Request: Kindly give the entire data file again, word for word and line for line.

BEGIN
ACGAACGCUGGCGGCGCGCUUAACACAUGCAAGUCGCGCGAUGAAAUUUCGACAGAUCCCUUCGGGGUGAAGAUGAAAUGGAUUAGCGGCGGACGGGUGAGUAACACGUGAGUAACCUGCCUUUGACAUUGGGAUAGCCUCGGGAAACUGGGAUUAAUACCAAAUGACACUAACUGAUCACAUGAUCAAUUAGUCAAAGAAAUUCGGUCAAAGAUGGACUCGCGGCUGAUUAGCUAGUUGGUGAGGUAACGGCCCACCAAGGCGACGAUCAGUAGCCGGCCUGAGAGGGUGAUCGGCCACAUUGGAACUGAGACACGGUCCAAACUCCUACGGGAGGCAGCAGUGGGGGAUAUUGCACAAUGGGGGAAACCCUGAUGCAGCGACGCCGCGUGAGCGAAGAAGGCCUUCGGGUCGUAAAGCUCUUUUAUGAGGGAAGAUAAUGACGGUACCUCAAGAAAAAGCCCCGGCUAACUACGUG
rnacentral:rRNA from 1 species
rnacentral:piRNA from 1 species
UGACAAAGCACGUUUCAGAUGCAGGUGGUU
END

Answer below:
ACGAACGCUGGCGGCGCGCUUAACACAUGCAAGUCGCGCGAUGAAAUUUCGACAGAUCCCUUCGGGGUGAAGAUGAAAUGGAUUAGCGGCGGACGGGUGAGUAACACGUGAGUAACCUGCCUUUGACAUUGGGAUAGCCUCGGGAAACUGGGAUUAAUACCAAAUGACACUAACUGAUCACAUGAUCAAUUAGUCAAAGAAAUUCGGUCAAAGAUGGACUCGCGGCUGAUUAGCUAGUUGGUGAGGUAACGGCCCACCAAGGCGACGAUCAGUAGCCGGCCUGAGAGGGUGAUCGGCCACAUUGGAACUGAGACACGGUCCAAACUCCUACGGGAGGCAGCAGUGGGGGAUAUUGCACAAUGGGGGAAACCCUGAUGCAGCGACGCCGCGUGAGCGAAGAAGGCCUUCGGGUCGUAAAGCUCUUUUAUGAGGGAAGAUAAUGACGGUACCUCAAGAAAAAGCCCCGGCUAACUACGUG
rnacentral:rRNA from 1 species
rnacentral:piRNA from 1 species
UGACAAAGCACGUUUCAGAUGCAGGUGGUU